Roderick also famously opens his arms to any child of his, a gesture that seems uncharacteristically kind when compared to his crimes. But when you know the terms of Verna’s deal, it reads less as a kindness than as a gesture of repentance. Roderick knows he’s signed away the lives of any of his children, so this is his attempt to make their prematurely shortened lives as luxurious as possible. None of that luxury seems to translate to real love, though, leading to the deeply contentious, cold Usher family dynamic.
This ‘Fall of the House of Usher’ prop is a perfect design for ‘The Tell Tale Heart’
Madeline approaches the potential consequences of the deal from a different angle, as she has no children who will die along with Roderick. (She reveals she got an IUD after the deal.) Instead, she’s focused on herself. She’s vowed never to let a man have any power over her, but in tying her life to Roderick’s, that’s exactly what she’s done. To fix this, Madeline goes on the hunt for any way to break the deal’s terms, leading to her research on algorithms and creating sentient AI versions of existing humans. If that work were to succeed, she could live past her brother in a completely different way.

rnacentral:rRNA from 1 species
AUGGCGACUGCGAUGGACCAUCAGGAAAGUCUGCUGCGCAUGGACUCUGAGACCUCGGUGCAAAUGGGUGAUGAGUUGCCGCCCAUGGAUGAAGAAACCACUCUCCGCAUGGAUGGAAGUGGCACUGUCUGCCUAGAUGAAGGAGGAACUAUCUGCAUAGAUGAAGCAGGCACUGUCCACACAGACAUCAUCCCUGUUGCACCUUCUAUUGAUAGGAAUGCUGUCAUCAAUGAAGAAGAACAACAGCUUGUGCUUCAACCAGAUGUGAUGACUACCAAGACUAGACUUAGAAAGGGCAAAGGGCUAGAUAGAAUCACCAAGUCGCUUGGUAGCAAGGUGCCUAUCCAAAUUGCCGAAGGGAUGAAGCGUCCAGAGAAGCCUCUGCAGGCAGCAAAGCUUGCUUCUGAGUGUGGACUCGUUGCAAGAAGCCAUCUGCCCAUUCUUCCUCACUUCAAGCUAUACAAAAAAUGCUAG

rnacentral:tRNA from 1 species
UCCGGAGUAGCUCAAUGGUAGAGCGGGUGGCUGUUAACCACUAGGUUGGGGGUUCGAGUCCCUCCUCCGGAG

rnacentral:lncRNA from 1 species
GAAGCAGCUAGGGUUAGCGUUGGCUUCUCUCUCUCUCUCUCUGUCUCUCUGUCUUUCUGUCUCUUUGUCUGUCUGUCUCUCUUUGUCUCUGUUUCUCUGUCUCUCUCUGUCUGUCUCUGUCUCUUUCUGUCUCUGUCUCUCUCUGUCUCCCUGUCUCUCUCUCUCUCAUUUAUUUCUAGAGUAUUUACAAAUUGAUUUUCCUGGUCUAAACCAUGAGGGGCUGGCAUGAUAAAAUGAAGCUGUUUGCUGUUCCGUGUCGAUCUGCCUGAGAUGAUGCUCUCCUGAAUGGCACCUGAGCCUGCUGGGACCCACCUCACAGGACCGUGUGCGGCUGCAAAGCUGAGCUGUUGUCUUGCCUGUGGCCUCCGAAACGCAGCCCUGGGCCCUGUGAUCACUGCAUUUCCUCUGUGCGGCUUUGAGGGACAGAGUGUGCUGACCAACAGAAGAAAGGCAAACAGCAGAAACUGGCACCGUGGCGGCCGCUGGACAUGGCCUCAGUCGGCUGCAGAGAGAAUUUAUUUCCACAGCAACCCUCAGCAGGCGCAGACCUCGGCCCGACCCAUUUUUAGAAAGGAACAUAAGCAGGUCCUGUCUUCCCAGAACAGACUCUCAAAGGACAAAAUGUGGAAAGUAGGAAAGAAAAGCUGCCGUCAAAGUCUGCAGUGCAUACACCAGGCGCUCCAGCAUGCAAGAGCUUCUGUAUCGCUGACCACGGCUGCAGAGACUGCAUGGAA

Every member of the Usher bloodline must fall — even innocents like Lenore.
Kyliegh Curran and Henry Thomas in “The Fall of the House of Usher.”
Credit: Eike Schroter/Netflix
As “The Raven” plays out, we learn that there’s no way Madeline’s plan for virtual immortality would have worked. Remember how Roderick’s granddaughter Lenore (Kyliegh Curran) has been texting him all throughout his confession? It turns out that those texts were actually coming from a virtual Lenore Madeline had created as a beta test, and not a particularly convincing one. The “Lenore bot,” as Roderick calls it, can only text variations on one word: “Nevermore.”
That refrain, as well as the name “Lenore,” are references pulled from Poe’s poem “The Raven.” In it, the speaker is mourning his lost love Lenore when he’s visited by a raven, who can only croak the word “Nevermore.” It’s a piece that touches on themes of grief, loss, and memory, all of which are fitting at this point in The Fall of the House of Usher finale. Not only do we learn about the existence of the Lenore bot, but we also learn why it was recently activated: the real Lenore died earlier that night.
Unlike the gruesome deaths of her fathers, aunts, and uncles, Lenore dies peacefully after a visit from Verna. It’s a death that brings Verna no joy, given that Lenore is the best of the Ushers. As Roderick puts it earlier in the episode, Lenore got all the wonderful qualities of his first wife Annabel Lee (Katie Siegel). We see this throughout the show, including when Lenore fights for her mother Morella’s (Crystal Balint) life and refuses to bow down to Arthur Pym’s (Mark Hamill) demands that she do what’s best for Fortunato. But blood is blood, so Verna must go about her work.